Photos by Roger Cullman
Vincent Roberge and his band play to a closely packed, sweaty crowd of young hipsters at the Drake.
The set is kicked off with much aplomb as the flute and sax of Jupiter blast into the snug space that mark this as a tight band ready to blast the funk and swagger. The strong opening continues with lead single Pitou, and the crowd is fully won over.
A few tracks in, Roberge performs a straw poll of the audience to see who’s a Quebecer and who’s an Anglophone. To his surprise, there’s a good showing of fans in need of translation. Roberge’s gift of the gab is smoothly shared in both languages, though one suspects his charm is that much sharper in French given the audience response. However everyone seems to know the words to La nuit est une panthère which becomes a sing along and it’s in English that he manages to convince the crowd to provide him with a fresh lager when it gets “a little dry on stage”.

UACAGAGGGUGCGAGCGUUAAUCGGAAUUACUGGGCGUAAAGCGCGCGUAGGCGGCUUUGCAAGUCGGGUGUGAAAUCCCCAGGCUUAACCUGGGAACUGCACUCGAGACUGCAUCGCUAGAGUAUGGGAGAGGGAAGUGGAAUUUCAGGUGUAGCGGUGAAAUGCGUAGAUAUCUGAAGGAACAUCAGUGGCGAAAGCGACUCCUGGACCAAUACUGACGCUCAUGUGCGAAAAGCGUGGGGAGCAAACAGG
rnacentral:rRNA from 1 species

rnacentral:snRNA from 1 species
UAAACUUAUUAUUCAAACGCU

Roberge encourages the crowd to shake their booties as he stretches and limbers up on the small stage for Guérilla, leading the crowd with his hip swaying. Half way through the set, Maky Lavender hops up from the audience; beer, puffy coat and all, to join the band for Drumz. Among the effortless cool of Roberge’s poetic lyrics, he has an accomplished falsetto which makes an appearance in several songs and is a highlight of Tercel. Attends-moi pas has a lullaby quality that raps you up into a soft, bass-laden synth dream.
I’m surprised it took Les Louanges this long to debut in Toronto. Hopefully we’ll see them back again very soon.